The operation of the circuit as previously described produces a pulse of positive polarity at output terminal 79. The pulses, initiated by junction diode 4i and terminated by junction diode $7, are applied through diode 6i and switch 73 in the proper position to the output terminal 79. The circuit may also be operated to produce a pulse of the output terminal 79 of negative polarity. Negative output pulses are obtained when logic circuit 9 is operated to produce a pulse at output terminal '15 prior to the appearance of a pulse at terminal 13. In this manner, junction diode 57 serves to initiate an output pulse and junction diode 41 serves to terminate the output pulse. Switch '73 is connected to pole '71. The negative pulse is thus applied to output terminal '79 through diode 63.

The graph of FIGURE 2 shows the various waveiorrns'produced when the circuit of FIGURE 1 is operated to provide positive polarity output pulses having maximum pulse duration. The waveforms shown are in simplified form for purposes of clarity and ease of comprehension and thus only show transient times where necessary.

Therefore, the circuit of the present invention provides sharp pulses of controllable duration and repetition rate and having rise and fall times of the order of a fraction of a millimicrosecond. in addition, the shape of the pulses produced by the present invention does not depend upon the proper termination of the output. By using a delay line in the output circuit of the present invention, the reflections which return from mismatched load circuit are delayed for a predetermined time during which the pulse circuits are disconnected from the output terminal. The reflections that propagate from the output terminal toward the pulse source are absorbed in the resistor which matches the characteristic impedance of the delay line and thus do not ailect the pulse source or load circuit.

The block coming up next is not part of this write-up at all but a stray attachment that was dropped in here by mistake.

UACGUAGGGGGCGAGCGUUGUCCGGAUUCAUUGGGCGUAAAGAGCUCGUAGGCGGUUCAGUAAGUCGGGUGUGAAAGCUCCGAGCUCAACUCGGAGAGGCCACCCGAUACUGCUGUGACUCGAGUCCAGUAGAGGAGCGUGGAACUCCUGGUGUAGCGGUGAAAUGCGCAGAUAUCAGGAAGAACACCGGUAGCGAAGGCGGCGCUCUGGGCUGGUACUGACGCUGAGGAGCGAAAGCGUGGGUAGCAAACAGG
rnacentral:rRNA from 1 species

We claim:

1. A circuit for producing an output pulse having very fast rise and fall times, said circuit comprising first and second semiconductor devices, each having a junction about which the gradient-of impurity concentration increases rapidly with distance therefrom, means to provide forward conduction current through the first and second semiconductor devices, said devices being capable of storing carriers in the immediate vicinity of the junctions thereof during forward conduction, circuit means responsive to an input signal to apply to the first semiconductor device a signal having sufficient amplitude and polartiy to oppose the forward conduction current therethrough, means including the firstsemiconductor device and responsive to the sudden depletion of stored carriers in the first semiconductor device to initiate the output pulse, said circuit means serving to apply to the second semiconductor device after a predetermined time a signal of suflicient amplitude and polarity to oppose the forward conduction current therethrough, means including the second semiconductor device and responsive to the sudden depletion of stored carriers in the second semiconductor device to terminate the output pulse, an output terminal, means to apply the output pulse to the output terminal, and means including the circuit means to establish forward conduction current through each of the first and second semiconductor devices at predetermined times subsequent to the application of the input signal.